As happens with every government welfare report, mysteriously, somehow, details leaked out to the media yesterday and so the coverage has already started. It turns out that Boris Johnson’s submission to the DLA reform consultation which closed in February 2011 was the smoking gun we needed and the government hoped no-one would ever find. The Mayor’s submission stood out from the other consultation responses, not because it was supportive of our claims (almost all the submissions were) but because it was incredibly thoughtful, well written and researched.

see here for her article in full

Legal aid bill goes into the Lords committee stage today – Dec 20th 2011

20 December 2011

Guest post by Carita Thomas –  a member of Young Legal Aid Lawyers.

It’s Christmas, and I don’t know about you, but pennies are tight, and I’m only halfway down my shopping list! Austerity Britain is not much fun at the moment, and all this talk of “tightening belts” and “tough choices” is not creating much festive cheer. Then I read that the City is due to take home £4.2 billion in bonus cash this Christmas, instead of saving that to stave off another bailout from the state.

Helping the City through the credit crunch has meant bankers now cost us more than bin men, so a nice bonus on top of all that seems a bit wrong. We are going through the worst cuts of a generation – doesn’t everyone have to prove their value for money nowadays? I’m sure those bankers will get a firm talking to in 2012…. But for now the Government has other priorities.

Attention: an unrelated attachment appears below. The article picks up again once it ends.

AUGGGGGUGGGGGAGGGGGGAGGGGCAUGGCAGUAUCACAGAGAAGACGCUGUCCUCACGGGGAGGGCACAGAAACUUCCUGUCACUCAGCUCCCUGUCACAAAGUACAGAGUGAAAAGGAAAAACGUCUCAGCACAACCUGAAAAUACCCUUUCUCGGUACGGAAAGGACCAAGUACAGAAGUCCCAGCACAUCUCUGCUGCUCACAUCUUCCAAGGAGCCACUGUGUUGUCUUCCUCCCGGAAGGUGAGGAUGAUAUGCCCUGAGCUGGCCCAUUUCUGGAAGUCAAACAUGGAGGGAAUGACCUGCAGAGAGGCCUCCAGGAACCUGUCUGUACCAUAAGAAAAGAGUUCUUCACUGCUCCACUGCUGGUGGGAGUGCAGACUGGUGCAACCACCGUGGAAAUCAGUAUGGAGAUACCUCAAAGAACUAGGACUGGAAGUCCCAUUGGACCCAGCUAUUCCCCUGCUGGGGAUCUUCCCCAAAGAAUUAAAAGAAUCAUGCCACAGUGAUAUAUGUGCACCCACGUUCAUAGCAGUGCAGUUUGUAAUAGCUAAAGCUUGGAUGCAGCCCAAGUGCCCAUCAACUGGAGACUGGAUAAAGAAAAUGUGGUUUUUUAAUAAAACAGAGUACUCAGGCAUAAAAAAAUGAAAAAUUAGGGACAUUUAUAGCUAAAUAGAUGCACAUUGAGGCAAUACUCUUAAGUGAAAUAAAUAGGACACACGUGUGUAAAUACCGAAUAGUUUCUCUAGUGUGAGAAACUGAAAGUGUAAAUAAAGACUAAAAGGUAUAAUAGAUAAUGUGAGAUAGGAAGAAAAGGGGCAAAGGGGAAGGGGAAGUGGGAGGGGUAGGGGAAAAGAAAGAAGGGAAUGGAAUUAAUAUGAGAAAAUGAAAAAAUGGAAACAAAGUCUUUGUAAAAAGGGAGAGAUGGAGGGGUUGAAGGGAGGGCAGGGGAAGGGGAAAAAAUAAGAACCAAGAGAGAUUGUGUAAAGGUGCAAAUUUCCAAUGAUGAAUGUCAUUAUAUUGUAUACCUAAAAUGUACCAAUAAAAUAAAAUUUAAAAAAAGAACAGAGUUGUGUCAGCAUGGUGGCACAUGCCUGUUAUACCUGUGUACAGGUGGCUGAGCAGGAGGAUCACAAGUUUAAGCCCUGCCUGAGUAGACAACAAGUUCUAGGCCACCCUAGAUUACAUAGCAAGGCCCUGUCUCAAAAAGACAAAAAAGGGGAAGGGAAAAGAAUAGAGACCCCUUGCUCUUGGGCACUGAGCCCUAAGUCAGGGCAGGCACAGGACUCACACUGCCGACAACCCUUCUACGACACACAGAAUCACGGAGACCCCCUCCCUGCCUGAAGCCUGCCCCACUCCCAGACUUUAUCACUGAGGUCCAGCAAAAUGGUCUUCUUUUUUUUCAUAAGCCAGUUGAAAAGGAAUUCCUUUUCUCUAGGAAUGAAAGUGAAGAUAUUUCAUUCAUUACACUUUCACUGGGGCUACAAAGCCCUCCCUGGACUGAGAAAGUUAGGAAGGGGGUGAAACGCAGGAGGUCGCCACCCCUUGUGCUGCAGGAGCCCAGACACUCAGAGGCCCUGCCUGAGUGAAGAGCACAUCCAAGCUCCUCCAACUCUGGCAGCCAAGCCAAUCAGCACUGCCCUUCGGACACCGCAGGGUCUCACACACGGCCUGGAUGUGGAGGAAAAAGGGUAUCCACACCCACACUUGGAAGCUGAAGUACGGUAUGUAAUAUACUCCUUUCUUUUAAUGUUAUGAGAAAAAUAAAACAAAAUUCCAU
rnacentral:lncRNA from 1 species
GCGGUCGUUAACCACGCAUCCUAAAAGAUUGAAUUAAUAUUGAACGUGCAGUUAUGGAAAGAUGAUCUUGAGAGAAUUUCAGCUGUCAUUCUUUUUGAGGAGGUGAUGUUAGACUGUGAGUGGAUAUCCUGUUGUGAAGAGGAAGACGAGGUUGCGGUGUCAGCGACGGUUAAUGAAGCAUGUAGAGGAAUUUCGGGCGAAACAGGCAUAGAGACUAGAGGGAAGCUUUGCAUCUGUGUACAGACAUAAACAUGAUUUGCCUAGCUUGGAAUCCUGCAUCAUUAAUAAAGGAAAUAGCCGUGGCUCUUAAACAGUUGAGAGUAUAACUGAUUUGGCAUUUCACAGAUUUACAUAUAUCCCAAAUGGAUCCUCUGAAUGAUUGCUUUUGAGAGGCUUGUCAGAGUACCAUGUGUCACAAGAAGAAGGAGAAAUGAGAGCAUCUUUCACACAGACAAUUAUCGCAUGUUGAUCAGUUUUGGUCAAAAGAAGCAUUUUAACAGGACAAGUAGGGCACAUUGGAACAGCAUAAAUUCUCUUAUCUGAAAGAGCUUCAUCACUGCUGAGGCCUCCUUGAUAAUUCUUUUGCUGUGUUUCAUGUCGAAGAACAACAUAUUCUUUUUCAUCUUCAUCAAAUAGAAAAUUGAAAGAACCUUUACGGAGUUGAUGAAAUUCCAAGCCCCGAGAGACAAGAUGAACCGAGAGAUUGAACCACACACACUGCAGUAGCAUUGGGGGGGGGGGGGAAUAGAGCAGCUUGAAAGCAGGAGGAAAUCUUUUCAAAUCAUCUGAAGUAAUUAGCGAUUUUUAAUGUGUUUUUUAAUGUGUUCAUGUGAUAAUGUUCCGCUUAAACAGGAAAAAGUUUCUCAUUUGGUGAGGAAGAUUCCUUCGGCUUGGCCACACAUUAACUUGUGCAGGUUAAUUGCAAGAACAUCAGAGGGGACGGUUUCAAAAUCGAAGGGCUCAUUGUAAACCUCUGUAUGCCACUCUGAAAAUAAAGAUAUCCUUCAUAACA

This week its plans to reform legal aid are in the spotlight. Like so many public services, the Government wants to cut free legal advice back as far as it can, and on 20th December, the bill containing the proposals will be debated by the committee of the House of Lords.

Now, some might ask why anyone would object to plans like these. The Government’s proposals for legal aid would save £350 million. Who can argue with that sort of money?

Well, that’s small change out of £4.2 billion. And I don’t believe these cuts will save money, at least not in the long term. Studies have shown that legal aid can save money for the state, with Citizens’ Advice estimating this could be up to £8.80 for every £1 spent.  Getting help with a problem in the early stages stops things snowballing, leading to more public costs later down the line, like paying for homeless assistance if someone gets evicted because they get into debt and stop paying rent. Let’s talk one year after the cuts and see how bright the plans look then, when more people have had to turn to the state without basic help to let them fix their own problems.